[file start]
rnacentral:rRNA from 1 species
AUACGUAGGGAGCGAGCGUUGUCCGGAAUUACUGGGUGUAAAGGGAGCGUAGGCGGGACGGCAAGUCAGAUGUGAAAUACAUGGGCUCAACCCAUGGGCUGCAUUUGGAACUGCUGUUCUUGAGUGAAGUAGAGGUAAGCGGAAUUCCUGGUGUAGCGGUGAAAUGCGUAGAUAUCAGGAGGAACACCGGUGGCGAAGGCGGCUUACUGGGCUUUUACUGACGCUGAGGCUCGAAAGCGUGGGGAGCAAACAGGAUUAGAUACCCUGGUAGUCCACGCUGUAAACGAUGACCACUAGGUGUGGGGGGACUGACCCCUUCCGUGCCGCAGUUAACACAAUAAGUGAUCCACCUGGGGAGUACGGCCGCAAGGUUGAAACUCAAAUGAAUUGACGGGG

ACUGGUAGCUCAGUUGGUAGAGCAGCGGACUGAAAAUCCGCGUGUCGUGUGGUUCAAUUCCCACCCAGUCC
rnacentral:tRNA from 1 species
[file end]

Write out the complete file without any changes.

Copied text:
rnacentral:rRNA from 1 species
AUACGUAGGGAGCGAGCGUUGUCCGGAAUUACUGGGUGUAAAGGGAGCGUAGGCGGGACGGCAAGUCAGAUGUGAAAUACAUGGGCUCAACCCAUGGGCUGCAUUUGGAACUGCUGUUCUUGAGUGAAGUAGAGGUAAGCGGAAUUCCUGGUGUAGCGGUGAAAUGCGUAGAUAUCAGGAGGAACACCGGUGGCGAAGGCGGCUUACUGGGCUUUUACUGACGCUGAGGCUCGAAAGCGUGGGGAGCAAACAGGAUUAGAUACCCUGGUAGUCCACGCUGUAAACGAUGACCACUAGGUGUGGGGGGACUGACCCCUUCCGUGCCGCAGUUAACACAAUAAGUGAUCCACCUGGGGAGUACGGCCGCAAGGUUGAAACUCAAAUGAAUUGACGGGG

ACUGGUAGCUCAGUUGGUAGAGCAGCGGACUGAAAAUCCGCGUGUCGUGUGGUUCAAUUCCCACCCAGUCC
rnacentral:tRNA from 1 species